WASHINGTON (AP) — President Barack Obama’s health care overhaul will shrink rather than increase the nation’s huge federal deficits over the next decade, Congress’ nonpartisan budget scorekeepers said Tuesday, supporting Obama’s contention in a major election-year dispute with Republicans.
About 3 million fewer uninsured people will gain health coverage because of last month’s Supreme Court ruling granting states more leeway, and that will cut the federal costs by $84 billion, the Congressional Budget Office said in the biggest changes from earlier estimates.
Republicans have insisted that “Obamacare” will actually raise deficits — by “trillions,” according to presidential candidate Mitt Romney. But that’s not so, the budget office said.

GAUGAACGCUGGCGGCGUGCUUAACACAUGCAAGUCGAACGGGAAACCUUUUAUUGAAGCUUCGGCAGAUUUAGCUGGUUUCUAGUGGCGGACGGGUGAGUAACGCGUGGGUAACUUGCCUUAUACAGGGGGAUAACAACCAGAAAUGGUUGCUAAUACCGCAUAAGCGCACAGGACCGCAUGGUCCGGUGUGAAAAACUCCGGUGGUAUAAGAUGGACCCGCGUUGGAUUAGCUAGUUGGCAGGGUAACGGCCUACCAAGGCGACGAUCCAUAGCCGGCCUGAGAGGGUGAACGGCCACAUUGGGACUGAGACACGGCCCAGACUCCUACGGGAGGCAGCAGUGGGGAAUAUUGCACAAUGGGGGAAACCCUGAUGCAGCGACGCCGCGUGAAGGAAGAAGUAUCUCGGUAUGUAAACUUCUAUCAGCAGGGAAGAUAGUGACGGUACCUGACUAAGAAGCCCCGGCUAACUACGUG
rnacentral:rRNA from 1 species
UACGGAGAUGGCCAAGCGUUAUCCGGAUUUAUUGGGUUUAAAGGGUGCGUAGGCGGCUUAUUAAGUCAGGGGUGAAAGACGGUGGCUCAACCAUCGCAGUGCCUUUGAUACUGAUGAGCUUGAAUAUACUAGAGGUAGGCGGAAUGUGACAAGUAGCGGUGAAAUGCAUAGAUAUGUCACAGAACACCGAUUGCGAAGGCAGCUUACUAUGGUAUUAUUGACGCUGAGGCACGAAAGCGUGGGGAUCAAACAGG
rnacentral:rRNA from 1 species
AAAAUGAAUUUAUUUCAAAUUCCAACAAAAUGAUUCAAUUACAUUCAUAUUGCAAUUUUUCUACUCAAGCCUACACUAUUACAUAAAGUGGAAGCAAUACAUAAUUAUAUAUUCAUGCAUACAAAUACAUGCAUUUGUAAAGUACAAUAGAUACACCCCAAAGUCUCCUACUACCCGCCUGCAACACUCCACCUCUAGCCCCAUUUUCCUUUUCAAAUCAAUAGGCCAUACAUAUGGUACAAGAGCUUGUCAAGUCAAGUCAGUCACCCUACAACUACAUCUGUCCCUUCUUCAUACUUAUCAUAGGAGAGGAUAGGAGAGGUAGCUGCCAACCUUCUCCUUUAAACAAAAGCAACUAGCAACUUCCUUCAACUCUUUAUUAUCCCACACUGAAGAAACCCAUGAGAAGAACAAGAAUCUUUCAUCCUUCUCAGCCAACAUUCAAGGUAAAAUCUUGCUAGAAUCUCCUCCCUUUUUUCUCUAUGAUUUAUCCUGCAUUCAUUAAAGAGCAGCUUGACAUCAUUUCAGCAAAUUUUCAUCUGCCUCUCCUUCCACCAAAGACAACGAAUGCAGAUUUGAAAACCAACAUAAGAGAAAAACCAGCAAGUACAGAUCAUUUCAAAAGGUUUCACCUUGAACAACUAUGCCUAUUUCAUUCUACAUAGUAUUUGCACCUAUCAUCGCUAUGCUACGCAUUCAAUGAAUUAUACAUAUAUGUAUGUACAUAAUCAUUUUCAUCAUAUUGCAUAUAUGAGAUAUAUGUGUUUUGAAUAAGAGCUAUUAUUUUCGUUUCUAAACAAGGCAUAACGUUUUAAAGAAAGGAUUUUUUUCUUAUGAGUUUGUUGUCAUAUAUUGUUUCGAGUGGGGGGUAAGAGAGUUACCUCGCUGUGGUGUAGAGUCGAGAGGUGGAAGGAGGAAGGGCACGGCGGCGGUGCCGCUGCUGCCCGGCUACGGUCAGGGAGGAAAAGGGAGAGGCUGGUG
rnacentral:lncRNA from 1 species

The office gave no updated estimate for total deficit reductions from the law, approved by Congress and signed by Obama in 2010. But it did estimate that Republican legislation to repeal the overhaul — passed recently by the House — would itself boost the deficit by $109 billion from 2013 to 2022.
"Repealing the (health care law) will lead to an increase in budget deficits over the coming decade, though a smaller one than previously reported," budget office director Douglas Elmendorf said in a letter to House Speaker John Boehner, R-Ohio.